A knave; a rascal; an eater of broken meats

When one reaches a certain age one removes the rose coloured spectacles much more often, becomes cynical with a hue of Grey casting a drab grubiness to surface appearances of fleeting shininess. The planned obsolecence of innocent acceptance takes a hold or perhaps it can't be conditioned out of all of us, for some of the time at least.
One finds oneself considering committing to memory act 2 scene 2 of King Lear.


Oswald: Why dost thou use me thus? I know thee not.
KentFellow, I know thee.
Oswald: What dost thou know me for?
Kent: A knave; a rascal; an eater of broken meats; a base, proud, shallow, beggarly, three-suited, hundred-pound, filthy, worsted-stocking knave; a lily-livered, action-taking whoreson, glass-gazing, superserviceable, finical rogue; one-trunk-inheriting slave; one that wouldst be a bawd, in way of good service, and art nothing but the composition of a knave, beggar, coward, pander, and the son and heir of a mongrel bitch: one whom I will beat into clamorous whining, if thou deniest the least syllable of thy addition.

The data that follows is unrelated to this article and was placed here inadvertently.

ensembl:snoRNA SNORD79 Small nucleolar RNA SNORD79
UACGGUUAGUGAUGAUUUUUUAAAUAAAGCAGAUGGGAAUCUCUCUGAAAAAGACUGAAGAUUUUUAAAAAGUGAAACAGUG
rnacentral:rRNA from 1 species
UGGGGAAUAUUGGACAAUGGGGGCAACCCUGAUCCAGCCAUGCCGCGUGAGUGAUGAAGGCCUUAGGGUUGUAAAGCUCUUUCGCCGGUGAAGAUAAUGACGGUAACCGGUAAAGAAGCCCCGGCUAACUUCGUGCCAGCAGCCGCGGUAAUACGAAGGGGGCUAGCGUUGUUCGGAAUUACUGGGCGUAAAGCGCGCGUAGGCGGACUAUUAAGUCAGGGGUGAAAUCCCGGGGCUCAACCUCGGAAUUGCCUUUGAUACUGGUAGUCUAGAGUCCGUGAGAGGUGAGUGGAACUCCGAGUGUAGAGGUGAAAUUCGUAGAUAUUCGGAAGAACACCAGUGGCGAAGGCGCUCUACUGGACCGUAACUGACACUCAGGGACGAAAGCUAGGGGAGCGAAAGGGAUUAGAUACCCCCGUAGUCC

• Scene II

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